Christ is Mystery
If Paul was a Jew among Jews, I am a first-born among first-borns. I live my life religiously. About twenty years ago, I went hiking in the Blue Ridge Mountains of Western North Carolina with my family and some family friends. The place where we were hiking crossed a rocky bald where there were patches of sensitive lichen. A helpful sign instructed hikers to follow a trail of yellow painted dots to minimize the ecological impact of hundreds of booted feet. After a few minutes of ambulatory dot-to-dot, we sat down to look at the view. My mother, always aware of her children, had seen my careful attempts to minimize my lichen-impact, and teasingly asked if I was sitting on a dot.
I was sitting on two.
I have done quite a bit of good. But to what purpose? Somehow, we, the church, are still living balanced on a scale with our ancient Egyptian friends. Am I good or am I evil? Yes.
I am good and I am evil.
As I journey through the Christian experience, life, struggle, I have come to believe in grace. It seems like an intangible dimension in which we move. It is present in our motions of goodness and not annihilated by our motions of evil. I do not understand its nature, but I have felt it. It could be atonement, but it does not have to be.
John Wesley taught about the different natures of grace. He taught that baptism was a way for people to receive grace. Baptism is a moment and a motion. A moment of naming this one as a child of God and a motion of ongoing work. Yes, there might be a moment of justification—atonement, but the funny thing about moments is that we don’t get the whole picture.
Einstein’s theories involving space and time have shown (to other people) that space and time converge in some way, and, somehow, that shakes out to mean that, from the standpoint of physics, all time is now. I have really tried to grasp this. I have. Maybe someday I will. Within this theory, I already do. Even though now-me doesn’t truly understand them, Einstein’s theories give a definite nuance to our experience of time. Even though we experience time in a linear way, it is not the most accurate understanding of time, but because we cannot experience time in its fullest sense, we are left feeling like our experience is paramount.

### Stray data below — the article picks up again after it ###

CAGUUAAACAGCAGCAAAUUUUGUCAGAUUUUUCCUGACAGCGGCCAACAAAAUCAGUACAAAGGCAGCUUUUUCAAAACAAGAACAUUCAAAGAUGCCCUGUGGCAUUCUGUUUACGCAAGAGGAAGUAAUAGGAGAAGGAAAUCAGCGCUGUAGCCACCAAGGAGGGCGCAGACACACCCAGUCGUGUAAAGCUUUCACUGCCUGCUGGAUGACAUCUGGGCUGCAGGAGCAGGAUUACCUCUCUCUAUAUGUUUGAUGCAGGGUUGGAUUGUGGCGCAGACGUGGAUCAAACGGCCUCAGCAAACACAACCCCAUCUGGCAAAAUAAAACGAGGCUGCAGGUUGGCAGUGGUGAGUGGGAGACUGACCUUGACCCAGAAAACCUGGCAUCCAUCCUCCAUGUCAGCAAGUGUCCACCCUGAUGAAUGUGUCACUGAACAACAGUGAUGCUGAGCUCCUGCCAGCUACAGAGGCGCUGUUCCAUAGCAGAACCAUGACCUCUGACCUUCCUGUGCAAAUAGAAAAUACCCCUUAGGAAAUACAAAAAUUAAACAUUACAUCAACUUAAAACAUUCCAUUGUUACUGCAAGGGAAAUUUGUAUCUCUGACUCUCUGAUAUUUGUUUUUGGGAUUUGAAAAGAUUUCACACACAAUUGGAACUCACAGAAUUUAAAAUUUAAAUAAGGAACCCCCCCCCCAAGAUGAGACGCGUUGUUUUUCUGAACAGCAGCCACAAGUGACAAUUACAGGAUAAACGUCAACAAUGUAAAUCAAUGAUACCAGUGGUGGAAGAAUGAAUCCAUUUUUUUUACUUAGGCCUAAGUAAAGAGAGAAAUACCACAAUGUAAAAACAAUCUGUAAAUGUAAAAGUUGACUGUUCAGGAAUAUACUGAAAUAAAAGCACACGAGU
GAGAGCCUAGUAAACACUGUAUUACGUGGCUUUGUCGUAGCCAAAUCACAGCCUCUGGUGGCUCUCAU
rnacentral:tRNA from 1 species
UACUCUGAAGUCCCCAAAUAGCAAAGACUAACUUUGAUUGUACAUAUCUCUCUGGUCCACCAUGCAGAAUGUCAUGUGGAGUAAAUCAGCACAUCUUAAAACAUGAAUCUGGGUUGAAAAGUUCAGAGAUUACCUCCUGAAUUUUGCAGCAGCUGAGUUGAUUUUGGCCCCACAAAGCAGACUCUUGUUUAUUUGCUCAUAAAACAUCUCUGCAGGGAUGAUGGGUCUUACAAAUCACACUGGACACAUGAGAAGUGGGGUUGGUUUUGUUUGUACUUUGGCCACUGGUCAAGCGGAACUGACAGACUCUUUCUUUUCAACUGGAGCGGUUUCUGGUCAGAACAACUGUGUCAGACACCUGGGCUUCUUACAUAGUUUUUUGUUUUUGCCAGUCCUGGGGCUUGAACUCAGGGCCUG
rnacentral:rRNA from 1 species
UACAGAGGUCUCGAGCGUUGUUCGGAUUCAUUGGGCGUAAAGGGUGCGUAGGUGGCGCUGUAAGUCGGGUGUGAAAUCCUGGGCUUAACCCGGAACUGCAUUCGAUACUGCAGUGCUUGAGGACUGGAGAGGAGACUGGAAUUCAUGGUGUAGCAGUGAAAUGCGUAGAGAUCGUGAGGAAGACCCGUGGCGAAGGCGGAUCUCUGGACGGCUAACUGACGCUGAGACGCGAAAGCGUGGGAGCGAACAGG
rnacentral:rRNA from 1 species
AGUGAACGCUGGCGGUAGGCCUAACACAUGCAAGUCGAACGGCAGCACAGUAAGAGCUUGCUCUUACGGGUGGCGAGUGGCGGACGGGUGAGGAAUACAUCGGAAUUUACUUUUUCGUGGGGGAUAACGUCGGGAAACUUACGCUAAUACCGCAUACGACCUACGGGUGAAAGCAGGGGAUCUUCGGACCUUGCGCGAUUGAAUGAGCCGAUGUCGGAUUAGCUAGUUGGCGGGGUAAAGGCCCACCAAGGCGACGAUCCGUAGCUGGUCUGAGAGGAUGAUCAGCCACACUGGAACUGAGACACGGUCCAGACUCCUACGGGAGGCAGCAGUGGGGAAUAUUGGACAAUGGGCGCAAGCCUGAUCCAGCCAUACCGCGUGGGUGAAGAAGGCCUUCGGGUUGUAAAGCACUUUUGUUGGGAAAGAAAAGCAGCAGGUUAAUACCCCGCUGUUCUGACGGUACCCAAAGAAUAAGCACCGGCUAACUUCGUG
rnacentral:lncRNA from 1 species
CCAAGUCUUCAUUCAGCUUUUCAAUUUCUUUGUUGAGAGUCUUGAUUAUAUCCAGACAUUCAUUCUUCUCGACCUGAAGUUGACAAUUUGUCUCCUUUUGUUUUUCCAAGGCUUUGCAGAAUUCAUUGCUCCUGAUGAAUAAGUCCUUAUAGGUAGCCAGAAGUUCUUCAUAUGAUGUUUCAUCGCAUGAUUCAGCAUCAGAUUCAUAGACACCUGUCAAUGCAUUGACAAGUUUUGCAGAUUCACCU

If all time and space are concurrent, how can we speak of a moment of atonement. If all time is now, then you exist in all forms of yourself, now. Our only response to that, other than puzzlement, must be this: Life is contained in the infinity of now. There is no before or after, there is simply going further into now. Now is the intersection of grace and the Christ. Now is the joining of the self and the anti-self. If you choose to become present to now, folding into the flow of love, then the infinity of now will become the abundant, eternal life all were promised.
Since I cannot grasp the infinite nature of a moment, confined, as I am, to a linear experience of time, I must satisfy myself with this: life is more complex than our doctrines can explain.
Beware of absolutes.
This is slightly adapted from Andrea Lingle’s upcoming book, Into the Abundant Deep: A Credulous Journey of Faith, due to be released spring of 2018.
Invitation to Missional Mindfulness:
Throughout Advent, the Invitation to Missional Mindfulness will be taken from the Advent Incarnate Incarnational Group Guide:
In what ways did you experience or observe God’s presence over the last week?
In what ways did you feel distant from God this past week?
How would you like to grow in your relationship with God this next week?